Iridient: Bursting Soap Bubbles by Fabian Oefner, Zurich, Switzerland – Jul 2012

Mandatory Credit: Photo by Fabian Oefner / Rex Features (1793982d) Iridient Iridient: Beauty In Bursting Bubbles Looking like heavenly bodies in space, these are in fact incredible pictures of soap bubbles. Talented Fabian Oefner made it his mission to capture … Continuar lendo

Mandatory Credit: Photo by Fabian Oefner / Rex Features (1793982d)
Iridient
Iridient: Beauty In Bursting Bubbles
Looking like heavenly bodies in space, these are in fact incredible pictures of soap bubbles.

Talented Fabian Oefner made it his mission to capture the short-lived beauty of bubbles at the point of bursting.

The results look like shimmering space objects or even otherworldly transparent creatures.

Fabian, a 28-year old art photographer from Zurich, was inspired by memories of blowing bubbles as a child, but put scientific principles into place to get the required results.

He explains: “Most of us remember playing with soap bubbles in our childhood, when we were fascinated by the colours of them and therefore even more disappointed when the bubble all of a sudden disappeared again.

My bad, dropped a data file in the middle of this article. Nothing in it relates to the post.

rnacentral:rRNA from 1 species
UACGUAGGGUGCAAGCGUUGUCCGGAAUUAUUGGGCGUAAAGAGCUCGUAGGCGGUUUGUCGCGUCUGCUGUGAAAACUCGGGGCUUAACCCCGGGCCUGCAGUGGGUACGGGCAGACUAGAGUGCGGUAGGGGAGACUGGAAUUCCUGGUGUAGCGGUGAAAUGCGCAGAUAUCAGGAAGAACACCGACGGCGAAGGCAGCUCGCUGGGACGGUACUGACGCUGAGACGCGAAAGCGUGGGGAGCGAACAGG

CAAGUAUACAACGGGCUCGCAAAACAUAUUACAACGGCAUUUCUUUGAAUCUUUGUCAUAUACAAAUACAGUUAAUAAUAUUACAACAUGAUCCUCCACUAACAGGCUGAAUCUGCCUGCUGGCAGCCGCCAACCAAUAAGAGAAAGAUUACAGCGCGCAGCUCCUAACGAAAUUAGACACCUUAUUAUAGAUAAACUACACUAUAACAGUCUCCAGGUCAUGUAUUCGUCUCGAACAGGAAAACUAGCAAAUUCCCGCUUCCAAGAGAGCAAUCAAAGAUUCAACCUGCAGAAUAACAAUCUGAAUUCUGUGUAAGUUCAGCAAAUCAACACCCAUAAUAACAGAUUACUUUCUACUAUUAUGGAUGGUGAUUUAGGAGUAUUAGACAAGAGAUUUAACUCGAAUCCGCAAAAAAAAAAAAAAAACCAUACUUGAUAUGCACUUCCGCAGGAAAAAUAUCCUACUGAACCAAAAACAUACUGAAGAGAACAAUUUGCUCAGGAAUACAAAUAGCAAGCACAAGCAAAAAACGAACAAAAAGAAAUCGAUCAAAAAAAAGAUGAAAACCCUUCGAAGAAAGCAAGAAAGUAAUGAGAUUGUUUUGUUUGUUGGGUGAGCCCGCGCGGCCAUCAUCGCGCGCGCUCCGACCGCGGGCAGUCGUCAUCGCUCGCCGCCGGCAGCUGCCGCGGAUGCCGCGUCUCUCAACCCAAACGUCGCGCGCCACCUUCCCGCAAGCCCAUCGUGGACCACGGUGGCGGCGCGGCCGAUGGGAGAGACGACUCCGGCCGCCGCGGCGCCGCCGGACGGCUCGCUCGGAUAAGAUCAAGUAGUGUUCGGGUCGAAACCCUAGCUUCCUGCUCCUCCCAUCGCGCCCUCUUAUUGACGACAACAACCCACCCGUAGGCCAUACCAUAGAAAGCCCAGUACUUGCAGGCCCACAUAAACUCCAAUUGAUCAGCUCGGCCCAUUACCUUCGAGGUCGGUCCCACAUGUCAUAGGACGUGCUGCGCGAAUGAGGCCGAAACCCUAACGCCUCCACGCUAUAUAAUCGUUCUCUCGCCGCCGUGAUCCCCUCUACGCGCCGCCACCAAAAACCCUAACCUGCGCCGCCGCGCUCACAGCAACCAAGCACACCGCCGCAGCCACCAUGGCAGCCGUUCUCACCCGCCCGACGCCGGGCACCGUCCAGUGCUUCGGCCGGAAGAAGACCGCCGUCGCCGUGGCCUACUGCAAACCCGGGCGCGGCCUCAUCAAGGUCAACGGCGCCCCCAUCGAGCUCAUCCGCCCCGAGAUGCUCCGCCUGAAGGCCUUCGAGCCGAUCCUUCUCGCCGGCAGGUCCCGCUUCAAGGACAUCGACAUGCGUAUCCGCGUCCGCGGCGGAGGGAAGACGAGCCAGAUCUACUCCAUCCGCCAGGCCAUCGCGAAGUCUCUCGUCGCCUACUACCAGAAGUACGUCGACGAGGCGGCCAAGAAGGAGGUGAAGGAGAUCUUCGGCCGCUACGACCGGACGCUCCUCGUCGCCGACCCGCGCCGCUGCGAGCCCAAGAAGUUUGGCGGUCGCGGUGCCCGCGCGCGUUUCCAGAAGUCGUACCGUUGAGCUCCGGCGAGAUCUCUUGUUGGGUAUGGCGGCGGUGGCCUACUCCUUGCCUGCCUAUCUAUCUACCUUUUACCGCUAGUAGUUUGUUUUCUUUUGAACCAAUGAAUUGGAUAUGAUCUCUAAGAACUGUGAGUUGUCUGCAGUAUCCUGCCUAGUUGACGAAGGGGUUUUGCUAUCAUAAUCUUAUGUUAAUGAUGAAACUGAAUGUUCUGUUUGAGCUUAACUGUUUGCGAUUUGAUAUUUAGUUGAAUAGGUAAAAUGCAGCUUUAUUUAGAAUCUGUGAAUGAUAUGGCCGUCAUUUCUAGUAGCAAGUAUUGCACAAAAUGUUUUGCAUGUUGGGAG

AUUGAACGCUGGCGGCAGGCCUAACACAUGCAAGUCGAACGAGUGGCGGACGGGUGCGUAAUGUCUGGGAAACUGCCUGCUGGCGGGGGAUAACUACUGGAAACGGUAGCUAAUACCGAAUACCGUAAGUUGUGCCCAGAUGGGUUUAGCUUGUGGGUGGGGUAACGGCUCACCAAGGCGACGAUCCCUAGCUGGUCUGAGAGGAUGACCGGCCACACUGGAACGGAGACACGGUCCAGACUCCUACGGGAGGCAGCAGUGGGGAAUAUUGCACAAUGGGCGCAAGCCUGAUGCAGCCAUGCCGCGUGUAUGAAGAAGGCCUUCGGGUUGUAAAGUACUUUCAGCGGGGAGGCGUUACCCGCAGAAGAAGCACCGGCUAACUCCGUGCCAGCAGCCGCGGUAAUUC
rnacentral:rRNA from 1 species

“With this series of images, I was trying to capture the beauty of these short-lived sculptures, which consist of 99% air and actually do not have any colour at all.”

Fabian used a sugar funnel through which to blow up the mixture from an ordinary children’s pot of bubbles.

But in the series he calls ‘Iridient’ the challenge was in lighting the subjects to make them visible to the camera and then capturing the split second before they popped.

Fabian explains: “There are two major challenges, when taking images of bursting soap bubbles. One is how to light the bubble, so that its colours become visible and second is obviously to capture the right moment.

“A soap bubble is made of a thin film of water, on which soap molecules gather on both sides. The vibrant colours, that bubbles are famous for, are created by the reflected light hitting the surface of the bubble. This effect is called iridescence, a phenomenon that is also visible on the wings of the morpho butterfly or on the tail feathers of a peacock.

“To make these reflection effects, that create the colours, visibl…
For more information visit http://www.rexfeatures.com/stacklink/IWCQUIJSW

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